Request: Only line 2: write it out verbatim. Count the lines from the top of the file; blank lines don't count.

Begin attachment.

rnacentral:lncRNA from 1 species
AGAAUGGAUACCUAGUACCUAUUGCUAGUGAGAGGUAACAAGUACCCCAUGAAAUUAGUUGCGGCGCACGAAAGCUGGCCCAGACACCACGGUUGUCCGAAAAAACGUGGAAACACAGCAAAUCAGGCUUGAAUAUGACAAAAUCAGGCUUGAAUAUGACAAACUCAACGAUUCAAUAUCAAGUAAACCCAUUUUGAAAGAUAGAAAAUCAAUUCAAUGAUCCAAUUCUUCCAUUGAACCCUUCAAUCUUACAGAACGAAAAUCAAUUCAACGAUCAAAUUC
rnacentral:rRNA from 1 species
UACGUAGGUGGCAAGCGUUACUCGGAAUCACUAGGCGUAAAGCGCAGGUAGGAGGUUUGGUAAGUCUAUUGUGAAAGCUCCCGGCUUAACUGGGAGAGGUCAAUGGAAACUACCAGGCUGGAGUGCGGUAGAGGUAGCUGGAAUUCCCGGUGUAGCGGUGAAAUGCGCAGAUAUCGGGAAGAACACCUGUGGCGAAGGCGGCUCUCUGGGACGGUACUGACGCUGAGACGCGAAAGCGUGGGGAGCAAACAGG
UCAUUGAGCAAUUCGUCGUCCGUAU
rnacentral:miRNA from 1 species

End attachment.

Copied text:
AGAAUGGAUACCUAGUACCUAUUGCUAGUGAGAGGUAACAAGUACCCCAUGAAAUUAGUUGCGGCGCACGAAAGCUGGCCCAGACACCACGGUUGUCCGAAAAAACGUGGAAACACAGCAAAUCAGGCUUGAAUAUGACAAAAUCAGGCUUGAAUAUGACAAACUCAACGAUUCAAUAUCAAGUAAACCCAUUUUGAAAGAUAGAAAAUCAAUUCAAUGAUCCAAUUCUUCCAUUGAACCCUUCAAUCUUACAGAACGAAAAUCAAUUCAACGAUCAAAUUC